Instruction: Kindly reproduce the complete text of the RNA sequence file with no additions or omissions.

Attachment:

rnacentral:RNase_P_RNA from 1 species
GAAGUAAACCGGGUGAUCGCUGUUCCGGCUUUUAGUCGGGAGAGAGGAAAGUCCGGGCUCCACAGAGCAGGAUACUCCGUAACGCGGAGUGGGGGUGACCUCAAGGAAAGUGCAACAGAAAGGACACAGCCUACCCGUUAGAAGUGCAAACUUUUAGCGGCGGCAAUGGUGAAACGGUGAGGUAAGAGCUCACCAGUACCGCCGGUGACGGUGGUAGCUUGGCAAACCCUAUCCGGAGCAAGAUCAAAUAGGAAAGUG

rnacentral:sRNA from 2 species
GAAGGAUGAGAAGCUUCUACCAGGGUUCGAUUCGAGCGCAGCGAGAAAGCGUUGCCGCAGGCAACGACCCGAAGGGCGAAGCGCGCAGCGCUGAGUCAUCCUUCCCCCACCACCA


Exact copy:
rnacentral:RNase_P_RNA from 1 species
GAAGUAAACCGGGUGAUCGCUGUUCCGGCUUUUAGUCGGGAGAGAGGAAAGUCCGGGCUCCACAGAGCAGGAUACUCCGUAACGCGGAGUGGGGGUGACCUCAAGGAAAGUGCAACAGAAAGGACACAGCCUACCCGUUAGAAGUGCAAACUUUUAGCGGCGGCAAUGGUGAAACGGUGAGGUAAGAGCUCACCAGUACCGCCGGUGACGGUGGUAGCUUGGCAAACCCUAUCCGGAGCAAGAUCAAAUAGGAAAGUG

rnacentral:sRNA from 2 species
GAAGGAUGAGAAGCUUCUACCAGGGUUCGAUUCGAGCGCAGCGAGAAAGCGUUGCCGCAGGCAACGACCCGAAGGGCGAAGCGCGCAGCGCUGAGUCAUCCUUCCCCCACCACCA